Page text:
Traffic control in the fast and other lanes too

360px-CBX_Parkchester_6_jeh[1]Congestion and gridlock is the antithesis of traffic flow. I wrote earlier how having to wait for the green arrow to display in order to turn left in designated left-turn lanes is inefficiency to the hilt. Just my opinion.

The most basic methods used to regulate traffic are signage, channelization (as in traffic circles), signalization and signal manipulation (e.g. signal synchronization), and these most basic methods have been around for some time.

Question: Would there be total dysfunction without some type of traffic regulatory framework in place? I would tend to think not but I would imagine it would depend on the case.

Say, for example, intersections lacked signs and/or signalization. My take is, erring on the side of caution, motorists would first stop and then proceed, but only when safe to do so. In all likelihood, proceeding would be on a basis of: the first motorist to arrive is the first one through. It would seem logical.

I am appreciative of the fact that there is signage, signalization and channelization insofar as this is applied intelligently.

What I have never given any thought to – that is until now – to control traffic and hence control emissions, is this idea of limited or regulated access. As it stands, it is pretty much open access which means anyone licensed to operate a motor vehicle can drive wherever and whenever they choose, that is, where access, of course, is not restricted.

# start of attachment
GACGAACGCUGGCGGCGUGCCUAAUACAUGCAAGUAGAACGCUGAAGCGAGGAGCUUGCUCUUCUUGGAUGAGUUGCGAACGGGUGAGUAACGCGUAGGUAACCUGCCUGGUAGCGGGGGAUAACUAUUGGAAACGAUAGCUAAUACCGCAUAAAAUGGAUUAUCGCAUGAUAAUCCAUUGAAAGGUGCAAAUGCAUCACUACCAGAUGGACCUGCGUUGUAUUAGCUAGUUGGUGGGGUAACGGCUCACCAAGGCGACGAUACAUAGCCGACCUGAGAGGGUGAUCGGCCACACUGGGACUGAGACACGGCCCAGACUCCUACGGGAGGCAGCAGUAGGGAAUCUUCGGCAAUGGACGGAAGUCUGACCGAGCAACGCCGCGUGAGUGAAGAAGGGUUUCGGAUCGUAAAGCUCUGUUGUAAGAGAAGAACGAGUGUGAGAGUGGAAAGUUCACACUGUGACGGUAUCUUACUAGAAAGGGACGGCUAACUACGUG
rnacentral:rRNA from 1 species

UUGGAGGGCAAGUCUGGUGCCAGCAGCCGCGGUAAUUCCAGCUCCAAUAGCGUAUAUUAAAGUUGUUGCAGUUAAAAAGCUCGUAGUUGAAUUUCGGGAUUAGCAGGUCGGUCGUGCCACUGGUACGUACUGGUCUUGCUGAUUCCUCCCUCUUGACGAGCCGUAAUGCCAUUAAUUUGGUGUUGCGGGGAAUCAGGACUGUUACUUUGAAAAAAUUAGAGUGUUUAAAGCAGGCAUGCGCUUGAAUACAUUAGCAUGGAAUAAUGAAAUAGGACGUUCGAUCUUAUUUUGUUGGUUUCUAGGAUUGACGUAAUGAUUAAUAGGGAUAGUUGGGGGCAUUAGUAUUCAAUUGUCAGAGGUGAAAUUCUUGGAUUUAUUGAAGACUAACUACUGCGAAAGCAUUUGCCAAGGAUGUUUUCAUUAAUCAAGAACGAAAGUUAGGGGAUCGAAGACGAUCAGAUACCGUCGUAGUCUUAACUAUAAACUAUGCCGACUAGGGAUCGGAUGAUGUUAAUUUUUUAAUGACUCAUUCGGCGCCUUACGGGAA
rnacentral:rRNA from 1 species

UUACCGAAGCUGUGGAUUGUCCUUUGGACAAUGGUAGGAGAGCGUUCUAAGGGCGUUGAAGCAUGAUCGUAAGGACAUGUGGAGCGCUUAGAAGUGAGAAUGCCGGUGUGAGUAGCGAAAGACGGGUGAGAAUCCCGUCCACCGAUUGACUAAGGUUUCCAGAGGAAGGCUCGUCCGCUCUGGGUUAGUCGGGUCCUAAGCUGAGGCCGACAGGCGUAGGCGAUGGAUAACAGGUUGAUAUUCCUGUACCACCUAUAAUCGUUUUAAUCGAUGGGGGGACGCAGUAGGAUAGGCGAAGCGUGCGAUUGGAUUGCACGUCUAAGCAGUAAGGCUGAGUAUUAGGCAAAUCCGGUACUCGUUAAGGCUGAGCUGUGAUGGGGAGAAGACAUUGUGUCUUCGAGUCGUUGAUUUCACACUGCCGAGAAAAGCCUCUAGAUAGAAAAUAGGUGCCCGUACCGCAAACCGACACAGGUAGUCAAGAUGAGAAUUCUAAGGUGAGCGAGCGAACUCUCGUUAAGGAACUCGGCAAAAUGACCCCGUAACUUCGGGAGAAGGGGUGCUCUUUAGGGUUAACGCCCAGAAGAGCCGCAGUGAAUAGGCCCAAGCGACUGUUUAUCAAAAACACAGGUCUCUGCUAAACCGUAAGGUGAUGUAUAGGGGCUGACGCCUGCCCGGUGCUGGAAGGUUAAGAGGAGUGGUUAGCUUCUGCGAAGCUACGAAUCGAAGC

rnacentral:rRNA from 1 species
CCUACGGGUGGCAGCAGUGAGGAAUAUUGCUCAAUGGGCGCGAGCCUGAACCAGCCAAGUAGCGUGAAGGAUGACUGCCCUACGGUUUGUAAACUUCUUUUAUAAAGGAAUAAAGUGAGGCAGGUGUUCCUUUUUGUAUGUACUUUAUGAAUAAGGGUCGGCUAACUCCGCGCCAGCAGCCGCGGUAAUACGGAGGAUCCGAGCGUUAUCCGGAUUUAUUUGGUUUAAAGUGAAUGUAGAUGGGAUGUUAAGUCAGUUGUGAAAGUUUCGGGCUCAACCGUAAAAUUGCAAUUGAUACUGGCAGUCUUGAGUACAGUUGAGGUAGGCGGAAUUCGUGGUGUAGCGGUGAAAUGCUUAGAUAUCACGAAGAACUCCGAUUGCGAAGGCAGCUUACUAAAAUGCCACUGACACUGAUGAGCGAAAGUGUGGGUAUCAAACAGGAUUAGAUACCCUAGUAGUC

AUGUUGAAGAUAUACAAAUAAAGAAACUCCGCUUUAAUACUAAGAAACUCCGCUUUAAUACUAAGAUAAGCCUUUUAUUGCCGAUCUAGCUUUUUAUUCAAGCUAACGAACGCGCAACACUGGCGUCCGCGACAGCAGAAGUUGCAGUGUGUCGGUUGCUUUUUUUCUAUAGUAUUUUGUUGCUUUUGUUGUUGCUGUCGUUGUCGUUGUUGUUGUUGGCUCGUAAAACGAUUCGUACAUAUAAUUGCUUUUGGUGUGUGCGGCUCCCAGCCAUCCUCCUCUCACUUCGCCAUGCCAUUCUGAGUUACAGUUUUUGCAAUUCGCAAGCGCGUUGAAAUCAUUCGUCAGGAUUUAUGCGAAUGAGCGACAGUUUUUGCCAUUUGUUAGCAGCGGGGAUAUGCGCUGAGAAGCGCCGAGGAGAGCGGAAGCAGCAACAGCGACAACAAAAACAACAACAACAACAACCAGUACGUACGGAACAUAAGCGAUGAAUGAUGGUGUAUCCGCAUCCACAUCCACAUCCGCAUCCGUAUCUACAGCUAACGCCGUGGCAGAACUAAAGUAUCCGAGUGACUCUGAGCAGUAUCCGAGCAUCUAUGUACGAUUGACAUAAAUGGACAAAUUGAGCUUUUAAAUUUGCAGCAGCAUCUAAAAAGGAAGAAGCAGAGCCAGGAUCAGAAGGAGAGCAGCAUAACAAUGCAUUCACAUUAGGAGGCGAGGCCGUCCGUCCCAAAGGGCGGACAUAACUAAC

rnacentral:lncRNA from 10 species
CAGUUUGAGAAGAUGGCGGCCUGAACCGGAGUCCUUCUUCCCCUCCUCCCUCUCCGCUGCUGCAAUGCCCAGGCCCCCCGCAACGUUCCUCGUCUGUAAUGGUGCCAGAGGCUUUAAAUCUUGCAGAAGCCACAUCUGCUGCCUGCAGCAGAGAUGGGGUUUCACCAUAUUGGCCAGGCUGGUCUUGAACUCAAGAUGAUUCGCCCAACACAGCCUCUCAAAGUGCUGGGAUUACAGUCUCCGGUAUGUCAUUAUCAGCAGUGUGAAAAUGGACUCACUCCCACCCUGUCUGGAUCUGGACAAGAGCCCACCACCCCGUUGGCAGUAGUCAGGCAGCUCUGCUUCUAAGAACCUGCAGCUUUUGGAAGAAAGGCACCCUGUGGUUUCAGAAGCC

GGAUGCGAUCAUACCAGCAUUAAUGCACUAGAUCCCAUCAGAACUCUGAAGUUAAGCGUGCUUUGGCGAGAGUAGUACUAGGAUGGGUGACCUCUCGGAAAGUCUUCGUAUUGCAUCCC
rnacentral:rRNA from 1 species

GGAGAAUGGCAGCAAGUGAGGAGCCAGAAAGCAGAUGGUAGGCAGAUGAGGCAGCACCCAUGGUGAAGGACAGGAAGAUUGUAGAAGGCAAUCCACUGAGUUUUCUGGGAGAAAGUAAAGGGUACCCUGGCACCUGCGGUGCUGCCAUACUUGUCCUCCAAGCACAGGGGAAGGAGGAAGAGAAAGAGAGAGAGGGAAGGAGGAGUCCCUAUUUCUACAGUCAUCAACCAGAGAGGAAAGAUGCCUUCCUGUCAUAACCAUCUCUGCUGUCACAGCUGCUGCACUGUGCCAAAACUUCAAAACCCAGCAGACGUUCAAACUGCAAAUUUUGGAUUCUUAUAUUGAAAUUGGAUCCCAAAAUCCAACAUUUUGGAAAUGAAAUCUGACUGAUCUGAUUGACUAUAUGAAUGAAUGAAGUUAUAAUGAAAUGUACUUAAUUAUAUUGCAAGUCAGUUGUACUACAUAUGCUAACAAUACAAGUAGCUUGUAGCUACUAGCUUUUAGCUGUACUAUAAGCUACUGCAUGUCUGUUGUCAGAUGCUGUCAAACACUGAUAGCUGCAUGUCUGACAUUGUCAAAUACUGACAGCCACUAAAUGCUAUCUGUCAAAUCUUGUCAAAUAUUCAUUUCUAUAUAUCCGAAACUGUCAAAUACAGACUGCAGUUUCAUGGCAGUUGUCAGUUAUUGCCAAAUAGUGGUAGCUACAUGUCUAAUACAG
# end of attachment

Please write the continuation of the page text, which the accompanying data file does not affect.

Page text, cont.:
So what I’m specifically thinking of is severely constrained traffic on a freeway.

To provide a case in point, in traveling on Interstate 405 once headed to LAX, from the intersection of California State Route 101 and I-405 all the way to the airport, it was bumper-to-bumper and stop-and-go traffic. Stuck in the traffic snarl, my thoughts turned toward there being an alternate route to get me to that destination faster. But, then again, if there was one, others would surely be using it, I reasoned, so I stayed put.

Anyone who drives California’s freeways should be familiar with electronic sign or display boards. Wouldn’t it be great if the same information that is displayed on these message boards could likewise be displayed to drivers inside their vehicles so that the driver in question could be kept informed of area traffic conditions at all times; those that would affect the driver in question and not just when the driver comes within eyeshot of the road-mounted sign. Taking this one step farther, not only would such road-mounted signs be unnecessary, but signage (visual blight?) along roads could be reduced. Maybe this day is coming. Maybe it is already here. Automobile manufacturers would need to get on board.

With something on this order, there is the potential for traffic flow to be more efficient and, in essence, is what this discussion really all boils down to.

This is a case where technology could answer the call in helping motorists navigate area roads more efficiently, resulting in more efficient movement of traffic, leading to fewer traffic tie-ups and, ultimately, fewer emissions.

Remember, Americans waste 2.9 billion gallons of fuel due to delay annually. At an average of $3.50 for a gallon of gas, that is $10.15 billion up in smoke – needlessly.

Leave a Comment